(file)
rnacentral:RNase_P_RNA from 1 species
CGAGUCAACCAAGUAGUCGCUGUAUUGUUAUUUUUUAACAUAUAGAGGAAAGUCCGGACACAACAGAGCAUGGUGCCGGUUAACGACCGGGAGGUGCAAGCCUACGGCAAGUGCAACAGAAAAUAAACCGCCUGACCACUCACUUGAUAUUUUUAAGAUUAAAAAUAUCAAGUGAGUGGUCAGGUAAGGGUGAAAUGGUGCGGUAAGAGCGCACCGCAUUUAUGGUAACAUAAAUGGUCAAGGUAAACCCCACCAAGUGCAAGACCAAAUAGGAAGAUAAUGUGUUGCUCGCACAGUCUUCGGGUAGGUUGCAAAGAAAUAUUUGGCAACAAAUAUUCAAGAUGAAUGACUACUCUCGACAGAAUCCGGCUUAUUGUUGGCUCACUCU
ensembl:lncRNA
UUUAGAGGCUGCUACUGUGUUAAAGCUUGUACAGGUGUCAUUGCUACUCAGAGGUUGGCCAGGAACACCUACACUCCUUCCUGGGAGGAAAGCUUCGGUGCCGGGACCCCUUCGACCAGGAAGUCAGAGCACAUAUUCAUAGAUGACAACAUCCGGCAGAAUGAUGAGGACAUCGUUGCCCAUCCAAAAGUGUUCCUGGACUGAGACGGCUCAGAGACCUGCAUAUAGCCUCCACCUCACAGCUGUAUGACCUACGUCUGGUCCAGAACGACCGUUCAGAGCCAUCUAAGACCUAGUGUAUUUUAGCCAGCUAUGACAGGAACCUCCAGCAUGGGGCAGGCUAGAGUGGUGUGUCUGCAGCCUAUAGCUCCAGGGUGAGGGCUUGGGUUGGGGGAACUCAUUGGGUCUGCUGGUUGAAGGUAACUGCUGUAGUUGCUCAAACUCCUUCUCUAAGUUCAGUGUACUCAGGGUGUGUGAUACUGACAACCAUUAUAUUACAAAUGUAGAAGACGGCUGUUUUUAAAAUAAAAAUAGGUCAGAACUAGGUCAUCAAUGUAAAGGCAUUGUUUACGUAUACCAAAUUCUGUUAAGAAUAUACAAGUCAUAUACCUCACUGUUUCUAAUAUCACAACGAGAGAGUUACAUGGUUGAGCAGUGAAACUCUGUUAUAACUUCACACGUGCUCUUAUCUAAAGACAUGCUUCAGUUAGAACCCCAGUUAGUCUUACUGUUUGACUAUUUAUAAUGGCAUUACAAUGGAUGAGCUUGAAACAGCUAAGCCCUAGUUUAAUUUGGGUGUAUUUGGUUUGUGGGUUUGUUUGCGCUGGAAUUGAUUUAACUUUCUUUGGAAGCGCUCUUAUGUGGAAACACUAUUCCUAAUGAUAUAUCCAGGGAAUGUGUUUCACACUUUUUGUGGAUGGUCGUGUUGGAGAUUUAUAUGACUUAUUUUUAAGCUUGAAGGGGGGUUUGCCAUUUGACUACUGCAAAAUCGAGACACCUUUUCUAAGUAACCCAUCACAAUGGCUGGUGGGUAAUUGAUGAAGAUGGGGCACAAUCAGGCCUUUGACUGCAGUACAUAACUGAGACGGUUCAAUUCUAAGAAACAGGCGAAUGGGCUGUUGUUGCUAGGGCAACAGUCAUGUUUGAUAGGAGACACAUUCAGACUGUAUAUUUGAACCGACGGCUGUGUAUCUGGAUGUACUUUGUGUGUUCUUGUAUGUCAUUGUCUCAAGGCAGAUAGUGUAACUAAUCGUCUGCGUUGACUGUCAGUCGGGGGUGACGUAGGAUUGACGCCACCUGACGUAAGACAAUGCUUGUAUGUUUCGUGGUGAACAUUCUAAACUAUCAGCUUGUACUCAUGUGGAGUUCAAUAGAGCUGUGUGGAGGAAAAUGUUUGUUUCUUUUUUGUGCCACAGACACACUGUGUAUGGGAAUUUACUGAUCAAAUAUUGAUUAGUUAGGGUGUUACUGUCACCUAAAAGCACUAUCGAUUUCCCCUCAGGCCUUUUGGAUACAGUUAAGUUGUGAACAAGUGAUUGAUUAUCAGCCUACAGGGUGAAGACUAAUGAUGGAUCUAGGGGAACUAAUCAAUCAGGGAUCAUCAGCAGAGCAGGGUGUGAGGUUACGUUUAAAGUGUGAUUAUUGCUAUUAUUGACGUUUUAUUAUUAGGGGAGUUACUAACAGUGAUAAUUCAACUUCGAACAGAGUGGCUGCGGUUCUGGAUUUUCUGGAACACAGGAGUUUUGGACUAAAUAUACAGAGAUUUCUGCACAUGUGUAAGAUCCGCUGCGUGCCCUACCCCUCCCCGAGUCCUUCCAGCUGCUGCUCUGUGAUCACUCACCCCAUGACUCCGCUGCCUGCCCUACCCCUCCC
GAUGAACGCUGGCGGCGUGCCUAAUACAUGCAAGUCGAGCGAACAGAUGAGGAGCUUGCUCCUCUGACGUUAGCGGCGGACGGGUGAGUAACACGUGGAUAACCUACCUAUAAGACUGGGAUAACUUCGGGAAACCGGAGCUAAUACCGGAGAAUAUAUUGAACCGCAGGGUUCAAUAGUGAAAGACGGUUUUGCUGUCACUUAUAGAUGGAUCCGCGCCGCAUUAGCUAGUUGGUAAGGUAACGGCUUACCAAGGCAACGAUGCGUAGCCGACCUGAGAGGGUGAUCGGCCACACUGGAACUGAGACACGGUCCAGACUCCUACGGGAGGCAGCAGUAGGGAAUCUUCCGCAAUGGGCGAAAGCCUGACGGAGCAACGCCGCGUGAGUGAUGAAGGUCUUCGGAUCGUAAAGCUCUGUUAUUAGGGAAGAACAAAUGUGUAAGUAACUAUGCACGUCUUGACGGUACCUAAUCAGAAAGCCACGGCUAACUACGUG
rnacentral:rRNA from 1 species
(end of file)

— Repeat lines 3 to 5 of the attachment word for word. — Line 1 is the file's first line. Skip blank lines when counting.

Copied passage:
ensembl:lncRNA
UUUAGAGGCUGCUACUGUGUUAAAGCUUGUACAGGUGUCAUUGCUACUCAGAGGUUGGCCAGGAACACCUACACUCCUUCCUGGGAGGAAAGCUUCGGUGCCGGGACCCCUUCGACCAGGAAGUCAGAGCACAUAUUCAUAGAUGACAACAUCCGGCAGAAUGAUGAGGACAUCGUUGCCCAUCCAAAAGUGUUCCUGGACUGAGACGGCUCAGAGACCUGCAUAUAGCCUCCACCUCACAGCUGUAUGACCUACGUCUGGUCCAGAACGACCGUUCAGAGCCAUCUAAGACCUAGUGUAUUUUAGCCAGCUAUGACAGGAACCUCCAGCAUGGGGCAGGCUAGAGUGGUGUGUCUGCAGCCUAUAGCUCCAGGGUGAGGGCUUGGGUUGGGGGAACUCAUUGGGUCUGCUGGUUGAAGGUAACUGCUGUAGUUGCUCAAACUCCUUCUCUAAGUUCAGUGUACUCAGGGUGUGUGAUACUGACAACCAUUAUAUUACAAAUGUAGAAGACGGCUGUUUUUAAAAUAAAAAUAGGUCAGAACUAGGUCAUCAAUGUAAAGGCAUUGUUUACGUAUACCAAAUUCUGUUAAGAAUAUACAAGUCAUAUACCUCACUGUUUCUAAUAUCACAACGAGAGAGUUACAUGGUUGAGCAGUGAAACUCUGUUAUAACUUCACACGUGCUCUUAUCUAAAGACAUGCUUCAGUUAGAACCCCAGUUAGUCUUACUGUUUGACUAUUUAUAAUGGCAUUACAAUGGAUGAGCUUGAAACAGCUAAGCCCUAGUUUAAUUUGGGUGUAUUUGGUUUGUGGGUUUGUUUGCGCUGGAAUUGAUUUAACUUUCUUUGGAAGCGCUCUUAUGUGGAAACACUAUUCCUAAUGAUAUAUCCAGGGAAUGUGUUUCACACUUUUUGUGGAUGGUCGUGUUGGAGAUUUAUAUGACUUAUUUUUAAGCUUGAAGGGGGGUUUGCCAUUUGACUACUGCAAAAUCGAGACACCUUUUCUAAGUAACCCAUCACAAUGGCUGGUGGGUAAUUGAUGAAGAUGGGGCACAAUCAGGCCUUUGACUGCAGUACAUAACUGAGACGGUUCAAUUCUAAGAAACAGGCGAAUGGGCUGUUGUUGCUAGGGCAACAGUCAUGUUUGAUAGGAGACACAUUCAGACUGUAUAUUUGAACCGACGGCUGUGUAUCUGGAUGUACUUUGUGUGUUCUUGUAUGUCAUUGUCUCAAGGCAGAUAGUGUAACUAAUCGUCUGCGUUGACUGUCAGUCGGGGGUGACGUAGGAUUGACGCCACCUGACGUAAGACAAUGCUUGUAUGUUUCGUGGUGAACAUUCUAAACUAUCAGCUUGUACUCAUGUGGAGUUCAAUAGAGCUGUGUGGAGGAAAAUGUUUGUUUCUUUUUUGUGCCACAGACACACUGUGUAUGGGAAUUUACUGAUCAAAUAUUGAUUAGUUAGGGUGUUACUGUCACCUAAAAGCACUAUCGAUUUCCCCUCAGGCCUUUUGGAUACAGUUAAGUUGUGAACAAGUGAUUGAUUAUCAGCCUACAGGGUGAAGACUAAUGAUGGAUCUAGGGGAACUAAUCAAUCAGGGAUCAUCAGCAGAGCAGGGUGUGAGGUUACGUUUAAAGUGUGAUUAUUGCUAUUAUUGACGUUUUAUUAUUAGGGGAGUUACUAACAGUGAUAAUUCAACUUCGAACAGAGUGGCUGCGGUUCUGGAUUUUCUGGAACACAGGAGUUUUGGACUAAAUAUACAGAGAUUUCUGCACAUGUGUAAGAUCCGCUGCGUGCCCUACCCCUCCCCGAGUCCUUCCAGCUGCUGCUCUGUGAUCACUCACCCCAUGACUCCGCUGCCUGCCCUACCCCUCCC
GAUGAACGCUGGCGGCGUGCCUAAUACAUGCAAGUCGAGCGAACAGAUGAGGAGCUUGCUCCUCUGACGUUAGCGGCGGACGGGUGAGUAACACGUGGAUAACCUACCUAUAAGACUGGGAUAACUUCGGGAAACCGGAGCUAAUACCGGAGAAUAUAUUGAACCGCAGGGUUCAAUAGUGAAAGACGGUUUUGCUGUCACUUAUAGAUGGAUCCGCGCCGCAUUAGCUAGUUGGUAAGGUAACGGCUUACCAAGGCAACGAUGCGUAGCCGACCUGAGAGGGUGAUCGGCCACACUGGAACUGAGACACGGUCCAGACUCCUACGGGAGGCAGCAGUAGGGAAUCUUCCGCAAUGGGCGAAAGCCUGACGGAGCAACGCCGCGUGAGUGAUGAAGGUCUUCGGAUCGUAAAGCUCUGUUAUUAGGGAAGAACAAAUGUGUAAGUAACUAUGCACGUCUUGACGGUACCUAAUCAGAAAGCCACGGCUAACUACGUG